My observation there is that the pitch of the fan will change. The pipe cleaners with a vacuum hose attachment works pretty well.
I don’t think you should clean the optics any more frequently than necessary. Just like your glasses, or a camera lens, excessive cleaning will degrade the glass. I have a couple of SLA 3D printers (which also use lasers) and cleaning the optics more than absolutely required is a definite no-no. Each time you wipe things down they end up just a little less as good as a result.
Especially if your lasering materials that blow off abrasives, like Tile. The laser doesn’t burn that stuff, it atomizes it. So the optics aren’t hazed by volatile gases, they’re dusty with grit that will scratch the GF’s optics even with the most careful use of Zeiss Wipes.
When performance is negatively affected, clean. Otherwise, IMO it’s best to avoid the OCD impulse to wipe things down just because they’re starting to look a little hazy.
I use a little rocket blower across the surface before wiping to minimize grit. Not perfect but better than nothing. The side window doesn’t seem to really get dirty from what I can see. The window on the side of the head gets dirty pretty quick, on mine at least. The mirror inside the head seems to be good for the longest (since it’s relatively self-contained).
Ultimately, the window and lens are a consumable type item, just like the tube. Replacements are available in the shop.
I received my GF at the end of November. I guess I should probably clean it soon.
I always think it’s funny when I go to clean my 'forge and I look at the camera lens and think “Nice. It’s still good and clear.” And then I rub the Zeiss wipe on it anyway and I kinda go… “Oh… Now it’s clear.”
Unfortunately, the camera is of limited value even when the lens is spotlessly clean. One of those ideas that’s great in concept but not so much in execution.
Guess it just depends on use case. Is it perfectly accurate? No. But I can drag and drop around a cut up board with no problem. But I’m also not as concerned as others about having a 1/4” of uncut material.
Yeah, what @jbmanning5 said. Unless I’m doing a multipart job or I’m on my last sample of a material and need to cut right up to the edge, the camera is fine. It’s just not worth the time to fool with it otherwise. I mean always try to avoid waste, but there’s a break point.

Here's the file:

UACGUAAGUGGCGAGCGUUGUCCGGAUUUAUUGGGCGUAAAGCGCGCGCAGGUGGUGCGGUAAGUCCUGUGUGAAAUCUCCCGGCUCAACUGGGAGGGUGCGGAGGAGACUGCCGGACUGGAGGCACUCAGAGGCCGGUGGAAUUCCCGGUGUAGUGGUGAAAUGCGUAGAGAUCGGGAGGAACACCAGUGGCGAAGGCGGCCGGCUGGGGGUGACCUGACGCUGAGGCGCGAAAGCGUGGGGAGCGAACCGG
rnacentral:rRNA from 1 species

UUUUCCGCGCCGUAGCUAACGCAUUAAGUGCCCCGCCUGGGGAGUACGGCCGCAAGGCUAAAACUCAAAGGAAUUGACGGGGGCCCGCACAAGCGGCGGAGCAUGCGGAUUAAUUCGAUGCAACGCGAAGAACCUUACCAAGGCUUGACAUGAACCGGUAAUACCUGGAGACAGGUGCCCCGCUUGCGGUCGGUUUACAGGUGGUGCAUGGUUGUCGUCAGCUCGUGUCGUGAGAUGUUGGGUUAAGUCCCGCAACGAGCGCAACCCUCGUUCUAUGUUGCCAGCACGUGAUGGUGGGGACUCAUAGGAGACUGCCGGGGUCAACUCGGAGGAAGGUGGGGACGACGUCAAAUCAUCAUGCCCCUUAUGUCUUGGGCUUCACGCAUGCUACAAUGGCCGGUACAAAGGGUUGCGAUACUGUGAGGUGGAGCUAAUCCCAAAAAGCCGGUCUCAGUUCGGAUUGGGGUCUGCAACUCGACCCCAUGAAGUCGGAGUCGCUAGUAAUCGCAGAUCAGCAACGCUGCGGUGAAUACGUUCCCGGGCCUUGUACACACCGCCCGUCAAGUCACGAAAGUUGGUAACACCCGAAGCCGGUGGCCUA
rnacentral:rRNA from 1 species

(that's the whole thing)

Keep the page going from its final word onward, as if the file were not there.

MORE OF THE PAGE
I break down the cost reasoning here:https://community.glowforge.com/t/issues-with-precision/20354/18?u=evansd2
I myself take steps cleaning my lenses, Just like I do with my camera lenses.
Step 1. Blow lens off with a squeeze ball blower to get loose particles off.
Step 2. Use a high quality lens brush I like a the “Arctic Butterfly” style cleaner to break loose the more stubborn flakes of dust.
Step 3. Back to the blower to get any particles loosened up but not removed from the lens.
Step 4. (When needed) Use a high quality disposable lens cleaner so you don’t reuse a contaminated cloth over. I did buy the Zeiss wipes that glowforge recommends.
Anytime you touch a lens with any cleaning material you risk micro scratches to the lens or it coatings, and chemical cleaners including Zeiss wipes has the potential to deteriorates coating either by stripping off small amounts of the coating or causing them to develop a haze. Either way not good for the lens.
Not cleaning a laser lens can also cause damage over time and makes the laser less effective by absorption or reflection of part of the laser light. So I clean as necessary and 40 hours seems to be a good average between cleanings. Just be very careful when touching the lenses.
Maybe a quick rinse with isopropyl alcohol and then drop it in some DI water in a little ultrasonic cleaner. Repeat until water sheets away.
…everybody has these things, right?
Dunno how my boss would feel(actually I do) about using the ultrasonic washer at the hospital…
So wouldn’t it be nice if the GF had a dashboard with an odometer that told you how many hours of operation it had seen, so you could figure out a regular preventative maintenance schedule?
Hopefully @dan is listening
It should show: Total Hours running : Hours Cutting: Hours Engraving : Hours Scoring
and Hours since last Cleaning (with an option to reset that )
I concur. An odometer, maybe with a scheduled maintenance pop up warning, would be very useful.
If you do cut a tile how do you clean the lens? Still Zeiss Wipe gently?
I’d blow the glass off with some “light” compressed air, and then lightly drag the wipe across the lens. Like, use gravity to push the wipe on to the lens, not your finger.
A number of my cuts did not go all the way through the proofgrade medium draftboard. Does this mean that I need to clean my lens?
That’s a good idea.
I will try that and see if the cut quality improves. Thank you for your reply!